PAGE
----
Landgravine Charlotte of Hesse-Kassel - Biography

Biography

Her parents were William V, Landgrave of Hesse-Kassel and Amalie Elisabeth of Hanau-Münzenberg. Her future marriage to her cousin Charles I Louis, Elector Palatine, was regarded as highly advantageous. However, her own mother warned the Elector of Charlotte's foul temper. She is described as a tall blonde girl, with long legs and a beautiful bust.

She married at Heidelberg Castle on February 22, 1650 Charles I Louis, Elector Palatine and had three children, two of whom survived infancy. At first all went well as Charles Louis became wildly infatuated with his wife and started his task of providing the Palatinate with an heir. According to his sister Sophia, 'his passion had impaired his intellect', though he was also quite jealous. If she criticised him, he would go into a rage but their quarrels were made up at night with audible violence.

Charlotte excelled at equestrian talents (as her daughter would), but Charles Louis objected to women on horseback. She loved gambling, which Charles Louis regarded as a waste of money.

To the joy of the Palatinate and Charles Louis, a son was born in 1651 and in 1652 a daughter. When Charles Louis went to the Electors' Diet in Prague, he infuriated Charlotte by not taking her. At this time the sixteen year-old Marie Luise von Degenfeld came to their court, where she was regarded as not very pretty and naive. Marie Luise would become Charles Louis' mistress and starting in 1658, would bear him 13 children while he was still married to Charlotte.

After his return Charles Louis took his wife and his sisters, Elizabeth and Sophia, to the festivities accompanying the coronation of Archduke Charles as his father's successor. Charlotte was again furious, as she was pregnant and unable to wear the French dresses especially bought for the occasion. The baby died a few hours after birth and Charlotte was very ill and could not be moved for weeks.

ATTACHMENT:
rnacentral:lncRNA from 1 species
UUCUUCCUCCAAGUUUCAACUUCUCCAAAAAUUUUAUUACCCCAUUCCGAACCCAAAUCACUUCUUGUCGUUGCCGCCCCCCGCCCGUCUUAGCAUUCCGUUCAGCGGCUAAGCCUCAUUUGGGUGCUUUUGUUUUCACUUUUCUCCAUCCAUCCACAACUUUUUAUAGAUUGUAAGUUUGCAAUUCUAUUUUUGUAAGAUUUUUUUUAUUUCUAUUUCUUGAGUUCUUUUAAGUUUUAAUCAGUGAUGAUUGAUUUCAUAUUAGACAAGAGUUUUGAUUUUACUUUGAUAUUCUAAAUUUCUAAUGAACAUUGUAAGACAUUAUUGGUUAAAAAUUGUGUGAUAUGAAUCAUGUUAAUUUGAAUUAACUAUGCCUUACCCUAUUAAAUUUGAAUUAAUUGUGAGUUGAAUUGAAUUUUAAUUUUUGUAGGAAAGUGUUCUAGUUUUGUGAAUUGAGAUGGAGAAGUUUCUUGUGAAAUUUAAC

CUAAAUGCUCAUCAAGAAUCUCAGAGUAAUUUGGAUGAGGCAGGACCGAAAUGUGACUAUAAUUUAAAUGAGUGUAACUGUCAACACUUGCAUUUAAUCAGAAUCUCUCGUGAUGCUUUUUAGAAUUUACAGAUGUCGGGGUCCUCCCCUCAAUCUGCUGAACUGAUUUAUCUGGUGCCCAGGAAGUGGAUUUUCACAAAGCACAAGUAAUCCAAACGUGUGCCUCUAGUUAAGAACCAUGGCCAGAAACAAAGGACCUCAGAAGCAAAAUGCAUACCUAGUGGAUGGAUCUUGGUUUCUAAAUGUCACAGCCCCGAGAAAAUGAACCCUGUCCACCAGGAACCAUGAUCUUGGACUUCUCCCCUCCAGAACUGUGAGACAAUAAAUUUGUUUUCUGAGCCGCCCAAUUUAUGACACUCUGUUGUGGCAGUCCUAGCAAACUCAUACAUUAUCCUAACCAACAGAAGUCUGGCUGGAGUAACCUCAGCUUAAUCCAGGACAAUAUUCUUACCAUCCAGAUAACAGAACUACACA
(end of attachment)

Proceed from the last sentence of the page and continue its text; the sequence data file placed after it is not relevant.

In 1654 Charles Louis's brother, Prince Rupert, came to visit Heidelberg and soon Charlotte realised Rupert was in love with Marie Luise. In order to prevent nocturnal visits, Charlotte made Luise sleep in her bedroom. Trying to protect Luise from Rupert, she had not realised that her own husband had fallen in love with the same girl. However, one night Charlotte woke up and, maintaining that she had found her husband in bed with Luise, she attacked the girl, almost biting off her little finger. Charles Louis protected Luise and called in the guard to restrain Charlotte. The following day Charles Louis installed Luise in an apartment directly above his own, which was made accessible to him by a secret passage. Soon Charlotte found out and had to be prevented from ascending the same ladder with a knife in her hand.

From then onward, Charlotte maintained that she was kept a prisoner in her apartments. She beat her servants and, if they were found to be spying on her behalf, they were dismissed by her husband. Charles Louis made sure not to be anywhere near Charlotte, who was pitied by everyone. In accordance with his rights, he divorced Charlotte but kept this a secret until after his sister Sophie's wedding. As soon as these festivities were over, Charles Louis published the divorce documents and declared himself to be married to Louise von Degenfeld, though many questioned the legality of the divorce.

Charlotte ruined her relations with Sophie when she admitted that she had married Charles Louis against her own wishes, saying that she would have preferred several others over this 'jealous old man'. Soon it was Charlotte who became jealous of Sophie who seemed to be on much better terms with Charles Louis. Charlotte felt herself excluded from their conversations and never understood their jokes. As a result of her unhappy marriage, Charlotte's children were sent to live with their paternal aunt Sophia in Hanover.

Since her divorce, Charlotte lived the next twenty-three years in obscurity, only to emerge after the death of Charles Louis, when their son became the next Elector Palatine. However, she had remained difficult and ill-tempered until her death, six years later.

Her husband's sister, Electress Sophia of Hanover, commented, when Charlotte, after her death, was dressed for burial that it was the first time that she was dressed without attacking or hitting someone.

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